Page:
Discussion on children’s cough-cold medications remains ongoing

WASHINGTON Pharmacy retailers can expect parents to be even more confused about what to give their sick kids this year during cold and flu season. This is in the wake of an FDA hearing Oct. 2 on the appropriate use of pediatric OTC cough-cold remedies, followed closely by a move among makers of these medicines to issue new package labels to alert parents that the products are not for use in children under four years old.Run the numbers and it leaves one huge hole in the market. According to 2007 U.S. Census Bureau estimates, there are 20.7 million children under age six. It is expected this group will suffer, on average, three to eight colds this year. That adds up to anywhere from 62.1 million to 165.6 million opportunities for pharmacy retailers to either help mom find an alternative remedy—e.g., supplements, humidifiers, topical menthol rubs—or let junior’s symptoms go untreated.

The Consumer Healthcare Products Association earlier this month announced that its members have initiated a voluntarily label change to advise parents that use of the medicines is not advisable in children under the age of 4. As this issue of Drug Store News went to press, many products featuring the new labels already had begun to ship to retailers.

Important to keep in mind, makers of these products insist, it is not the safety of these products themselves but how people use them that is really at the heart of the labeling changes. “Research shows that dosing errors and accidental ingestions—not the safety of the ingredients themselves when properly dosed—are the leading causes of rare adverse events in young children,” explained Linda Suydam, president of CHPA. “As a result, the leading manufacturers of oral OTC pediatric cough and cold medicines are moving forward on both the design and implementation of initiatives aimed at encouraging the appropriate use of these medicines.”

In addition, CHPA manufacturers are voluntarily adding new language that warns parents not to use antihistamines to sedate or make their child sleepy, and the organization  also has expanded its national program to educate parents, caregivers, and healthcare professionals on the appropriate dosing and use of OTC medicines in children.

These moves came on the heels of the FDA’s January announcement banning kids OTC remedies for children under 2 years old. Apparently that  information remains top of mind for many consumers.

According to a June 2008 Survey.com poll of 606 parents conducted, 64 percent of all parents, including parents of children between the ages of five and 12, have made up their minds not to treat their children’s cold symptoms with traditional allopathic remedies. As many as 70 percent of parents with children under the age of 4 reported they had given their children cold medicine when they were sick in the past. That suggests that millions of parents will be looking for other options this cold and flu season.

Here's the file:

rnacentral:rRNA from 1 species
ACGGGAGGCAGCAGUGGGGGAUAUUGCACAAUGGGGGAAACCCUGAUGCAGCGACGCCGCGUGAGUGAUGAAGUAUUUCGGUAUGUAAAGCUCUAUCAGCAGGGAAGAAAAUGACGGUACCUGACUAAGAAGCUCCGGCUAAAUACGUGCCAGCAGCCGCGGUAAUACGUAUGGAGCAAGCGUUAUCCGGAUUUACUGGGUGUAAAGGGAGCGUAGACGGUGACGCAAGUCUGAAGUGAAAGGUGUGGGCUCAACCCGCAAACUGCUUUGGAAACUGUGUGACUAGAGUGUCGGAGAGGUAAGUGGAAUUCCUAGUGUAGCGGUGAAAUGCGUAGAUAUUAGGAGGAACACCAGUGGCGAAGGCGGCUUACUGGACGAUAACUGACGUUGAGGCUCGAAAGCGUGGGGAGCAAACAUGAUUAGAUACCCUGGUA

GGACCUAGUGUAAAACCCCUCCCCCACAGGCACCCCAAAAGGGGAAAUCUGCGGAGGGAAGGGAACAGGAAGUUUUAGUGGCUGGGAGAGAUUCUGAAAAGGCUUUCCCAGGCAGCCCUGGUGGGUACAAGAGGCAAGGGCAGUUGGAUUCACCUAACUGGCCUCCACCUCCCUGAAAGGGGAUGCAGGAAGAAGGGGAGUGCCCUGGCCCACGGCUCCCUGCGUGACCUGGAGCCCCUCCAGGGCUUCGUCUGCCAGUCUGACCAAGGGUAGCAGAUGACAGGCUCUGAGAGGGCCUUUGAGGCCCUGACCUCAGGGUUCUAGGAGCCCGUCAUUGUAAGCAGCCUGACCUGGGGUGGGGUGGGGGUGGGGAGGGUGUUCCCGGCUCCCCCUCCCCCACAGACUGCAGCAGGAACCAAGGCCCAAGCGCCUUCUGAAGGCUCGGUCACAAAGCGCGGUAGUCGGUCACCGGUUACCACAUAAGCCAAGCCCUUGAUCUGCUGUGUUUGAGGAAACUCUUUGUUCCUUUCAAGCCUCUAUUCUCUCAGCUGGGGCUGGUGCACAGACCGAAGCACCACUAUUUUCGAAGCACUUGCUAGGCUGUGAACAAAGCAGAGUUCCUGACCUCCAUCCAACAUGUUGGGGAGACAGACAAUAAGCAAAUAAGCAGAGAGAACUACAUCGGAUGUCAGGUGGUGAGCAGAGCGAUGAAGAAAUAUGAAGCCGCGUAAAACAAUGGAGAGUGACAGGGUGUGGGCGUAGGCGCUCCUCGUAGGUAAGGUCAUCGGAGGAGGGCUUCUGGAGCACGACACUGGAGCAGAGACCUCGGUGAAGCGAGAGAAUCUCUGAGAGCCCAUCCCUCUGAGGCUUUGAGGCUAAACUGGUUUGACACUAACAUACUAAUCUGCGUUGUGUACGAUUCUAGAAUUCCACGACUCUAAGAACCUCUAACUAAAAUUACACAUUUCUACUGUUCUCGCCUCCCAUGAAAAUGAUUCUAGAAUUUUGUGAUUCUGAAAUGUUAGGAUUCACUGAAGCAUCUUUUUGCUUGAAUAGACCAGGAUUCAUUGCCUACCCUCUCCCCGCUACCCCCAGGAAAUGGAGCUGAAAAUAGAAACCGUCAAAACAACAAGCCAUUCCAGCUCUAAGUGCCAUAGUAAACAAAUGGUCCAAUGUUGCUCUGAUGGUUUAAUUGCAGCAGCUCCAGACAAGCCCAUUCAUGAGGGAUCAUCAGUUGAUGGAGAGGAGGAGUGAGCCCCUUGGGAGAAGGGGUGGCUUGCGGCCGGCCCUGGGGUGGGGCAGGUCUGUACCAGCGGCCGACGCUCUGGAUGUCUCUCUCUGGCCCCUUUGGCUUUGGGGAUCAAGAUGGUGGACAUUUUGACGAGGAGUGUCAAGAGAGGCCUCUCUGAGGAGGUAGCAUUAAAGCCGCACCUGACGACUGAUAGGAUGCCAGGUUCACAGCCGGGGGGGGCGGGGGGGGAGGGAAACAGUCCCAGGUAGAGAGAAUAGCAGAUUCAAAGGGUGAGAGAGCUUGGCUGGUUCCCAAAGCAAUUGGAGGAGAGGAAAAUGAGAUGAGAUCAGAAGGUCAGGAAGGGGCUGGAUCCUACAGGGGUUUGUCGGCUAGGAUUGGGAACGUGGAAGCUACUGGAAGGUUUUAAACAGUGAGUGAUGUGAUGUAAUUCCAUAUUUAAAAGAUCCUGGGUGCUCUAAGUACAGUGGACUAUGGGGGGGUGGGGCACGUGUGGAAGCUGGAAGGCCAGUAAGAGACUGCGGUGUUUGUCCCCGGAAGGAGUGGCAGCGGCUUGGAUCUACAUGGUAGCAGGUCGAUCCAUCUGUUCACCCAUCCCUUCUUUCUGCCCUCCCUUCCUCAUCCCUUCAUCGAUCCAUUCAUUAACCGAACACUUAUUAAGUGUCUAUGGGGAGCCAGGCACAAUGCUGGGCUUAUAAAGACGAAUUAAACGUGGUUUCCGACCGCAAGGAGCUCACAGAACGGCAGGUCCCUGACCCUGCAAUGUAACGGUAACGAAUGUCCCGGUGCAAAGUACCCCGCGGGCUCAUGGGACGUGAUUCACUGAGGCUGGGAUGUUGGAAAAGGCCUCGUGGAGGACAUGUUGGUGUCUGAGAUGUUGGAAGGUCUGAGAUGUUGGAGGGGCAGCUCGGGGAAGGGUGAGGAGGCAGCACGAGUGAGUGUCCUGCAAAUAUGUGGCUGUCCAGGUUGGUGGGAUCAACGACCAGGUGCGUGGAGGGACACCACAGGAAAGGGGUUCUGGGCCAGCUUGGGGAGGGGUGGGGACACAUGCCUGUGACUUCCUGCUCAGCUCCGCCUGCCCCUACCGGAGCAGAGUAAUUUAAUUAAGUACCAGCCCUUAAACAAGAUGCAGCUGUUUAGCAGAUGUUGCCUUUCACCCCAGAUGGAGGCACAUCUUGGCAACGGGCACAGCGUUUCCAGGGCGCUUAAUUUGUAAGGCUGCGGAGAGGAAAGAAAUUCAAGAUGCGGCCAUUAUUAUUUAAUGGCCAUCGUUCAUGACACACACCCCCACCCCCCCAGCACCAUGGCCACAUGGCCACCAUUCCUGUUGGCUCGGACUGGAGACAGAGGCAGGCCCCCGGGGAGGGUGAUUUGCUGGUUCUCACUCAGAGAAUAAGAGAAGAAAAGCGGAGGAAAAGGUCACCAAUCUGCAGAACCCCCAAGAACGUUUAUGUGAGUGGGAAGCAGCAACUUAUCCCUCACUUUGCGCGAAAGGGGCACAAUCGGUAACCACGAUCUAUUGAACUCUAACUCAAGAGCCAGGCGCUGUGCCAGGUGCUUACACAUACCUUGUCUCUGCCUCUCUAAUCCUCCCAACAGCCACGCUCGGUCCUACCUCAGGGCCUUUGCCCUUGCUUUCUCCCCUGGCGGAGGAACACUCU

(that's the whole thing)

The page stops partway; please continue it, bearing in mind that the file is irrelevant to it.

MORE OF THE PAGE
That survey notwithstanding, one key concern shared both by OTC industry leaders and the Food and Drug Administration officials  is what parents might do as a result. One the plus side, Phillip Walson, retired professor of pediatrics and pharmacology at the University of Cincinnati, and an advisor to CHPA, cited studies suggesting that 40 percent of parents would seek an alternative, perhaps all natural, cough-cold remedy; on the alarming note, however, another 24 percent would attempt to calculate appropriate dosing for their kids from products labeled for adult use—in other words, take their best guess.

“We’re very concerned in seeing a shift of people using adult products [for their children],” commented John Jenkins, director of the FDA’s Office of New Drugs, Center for Drug Evaluation and Research, during the FDA’s Oct. 2 public meeting on the appropriate use of OTC pediatric cough/cold formulations.

Meanwhile, CHPA continues to back pediatric pharmacokinetic and efficacy studies on the seven most common monographed cough-cold ingredients. Together with pseudoephedrine, which already is backed by PK studies, those eight ingredients represent approximately 95 percent of the OTC products for children on the market, Suydam said.

Following the Oct. 2 meeting, FDA officials promised to take action—though exactly what action had yet to be determined, according to Jenkins. “This [public meeting is part of a] rulemaking process to get to a change in the monograph,” he said. Those closest to the situation have told Drug Store News it is unlikely that any action could occur any time before later in 2010 at the earliest, as any proposed change to the respective monographs would be followed by a comment period before any finalized rule change could be issued.

By that time, CHPA-conducted PK and efficacy studies could very well be complete, providing proof of the safety and efficacy of these medicines in a clinical setting versus the 30-plus years of anecdotal safety and efficacy experience that parents have relied upon in the past. And that could rewrite the rules for pediatric OTCs one more time before today’s kids are ready for their big-boy pants.

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